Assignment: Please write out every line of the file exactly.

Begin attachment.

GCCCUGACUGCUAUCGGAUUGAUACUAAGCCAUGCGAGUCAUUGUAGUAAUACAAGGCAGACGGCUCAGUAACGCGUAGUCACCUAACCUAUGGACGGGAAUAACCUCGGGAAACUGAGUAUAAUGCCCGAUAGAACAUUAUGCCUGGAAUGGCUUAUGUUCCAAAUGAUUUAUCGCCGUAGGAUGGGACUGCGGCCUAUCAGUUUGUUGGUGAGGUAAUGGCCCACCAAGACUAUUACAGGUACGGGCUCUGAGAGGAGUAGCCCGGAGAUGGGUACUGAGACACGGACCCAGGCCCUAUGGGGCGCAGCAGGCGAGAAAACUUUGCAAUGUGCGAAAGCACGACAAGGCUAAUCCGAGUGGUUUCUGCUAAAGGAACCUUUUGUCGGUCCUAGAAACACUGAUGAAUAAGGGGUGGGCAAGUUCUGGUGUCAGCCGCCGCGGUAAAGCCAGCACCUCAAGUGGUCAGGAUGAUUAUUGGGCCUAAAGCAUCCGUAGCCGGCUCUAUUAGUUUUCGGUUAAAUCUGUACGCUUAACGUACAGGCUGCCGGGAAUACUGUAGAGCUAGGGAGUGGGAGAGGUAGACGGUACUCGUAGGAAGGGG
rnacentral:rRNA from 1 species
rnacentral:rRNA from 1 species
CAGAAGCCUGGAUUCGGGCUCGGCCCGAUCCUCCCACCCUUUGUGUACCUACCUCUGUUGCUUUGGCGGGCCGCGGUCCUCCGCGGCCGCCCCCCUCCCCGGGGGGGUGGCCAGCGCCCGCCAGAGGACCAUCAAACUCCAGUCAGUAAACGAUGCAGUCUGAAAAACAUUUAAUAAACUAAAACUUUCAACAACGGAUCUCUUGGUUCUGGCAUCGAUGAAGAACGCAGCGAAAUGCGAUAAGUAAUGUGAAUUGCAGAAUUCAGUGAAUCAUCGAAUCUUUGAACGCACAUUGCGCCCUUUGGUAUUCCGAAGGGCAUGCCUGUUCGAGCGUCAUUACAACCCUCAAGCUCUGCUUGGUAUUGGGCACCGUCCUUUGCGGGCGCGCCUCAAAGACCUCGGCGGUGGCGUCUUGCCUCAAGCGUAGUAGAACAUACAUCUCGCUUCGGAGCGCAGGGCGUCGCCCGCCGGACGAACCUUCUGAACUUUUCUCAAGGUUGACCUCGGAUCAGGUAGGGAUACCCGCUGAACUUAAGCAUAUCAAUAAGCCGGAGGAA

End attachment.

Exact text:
GCCCUGACUGCUAUCGGAUUGAUACUAAGCCAUGCGAGUCAUUGUAGUAAUACAAGGCAGACGGCUCAGUAACGCGUAGUCACCUAACCUAUGGACGGGAAUAACCUCGGGAAACUGAGUAUAAUGCCCGAUAGAACAUUAUGCCUGGAAUGGCUUAUGUUCCAAAUGAUUUAUCGCCGUAGGAUGGGACUGCGGCCUAUCAGUUUGUUGGUGAGGUAAUGGCCCACCAAGACUAUUACAGGUACGGGCUCUGAGAGGAGUAGCCCGGAGAUGGGUACUGAGACACGGACCCAGGCCCUAUGGGGCGCAGCAGGCGAGAAAACUUUGCAAUGUGCGAAAGCACGACAAGGCUAAUCCGAGUGGUUUCUGCUAAAGGAACCUUUUGUCGGUCCUAGAAACACUGAUGAAUAAGGGGUGGGCAAGUUCUGGUGUCAGCCGCCGCGGUAAAGCCAGCACCUCAAGUGGUCAGGAUGAUUAUUGGGCCUAAAGCAUCCGUAGCCGGCUCUAUUAGUUUUCGGUUAAAUCUGUACGCUUAACGUACAGGCUGCCGGGAAUACUGUAGAGCUAGGGAGUGGGAGAGGUAGACGGUACUCGUAGGAAGGGG
rnacentral:rRNA from 1 species
rnacentral:rRNA from 1 species
CAGAAGCCUGGAUUCGGGCUCGGCCCGAUCCUCCCACCCUUUGUGUACCUACCUCUGUUGCUUUGGCGGGCCGCGGUCCUCCGCGGCCGCCCCCCUCCCCGGGGGGGUGGCCAGCGCCCGCCAGAGGACCAUCAAACUCCAGUCAGUAAACGAUGCAGUCUGAAAAACAUUUAAUAAACUAAAACUUUCAACAACGGAUCUCUUGGUUCUGGCAUCGAUGAAGAACGCAGCGAAAUGCGAUAAGUAAUGUGAAUUGCAGAAUUCAGUGAAUCAUCGAAUCUUUGAACGCACAUUGCGCCCUUUGGUAUUCCGAAGGGCAUGCCUGUUCGAGCGUCAUUACAACCCUCAAGCUCUGCUUGGUAUUGGGCACCGUCCUUUGCGGGCGCGCCUCAAAGACCUCGGCGGUGGCGUCUUGCCUCAAGCGUAGUAGAACAUACAUCUCGCUUCGGAGCGCAGGGCGUCGCCCGCCGGACGAACCUUCUGAACUUUUCUCAAGGUUGACCUCGGAUCAGGUAGGGAUACCCGCUGAACUUAAGCAUAUCAAUAAGCCGGAGGAA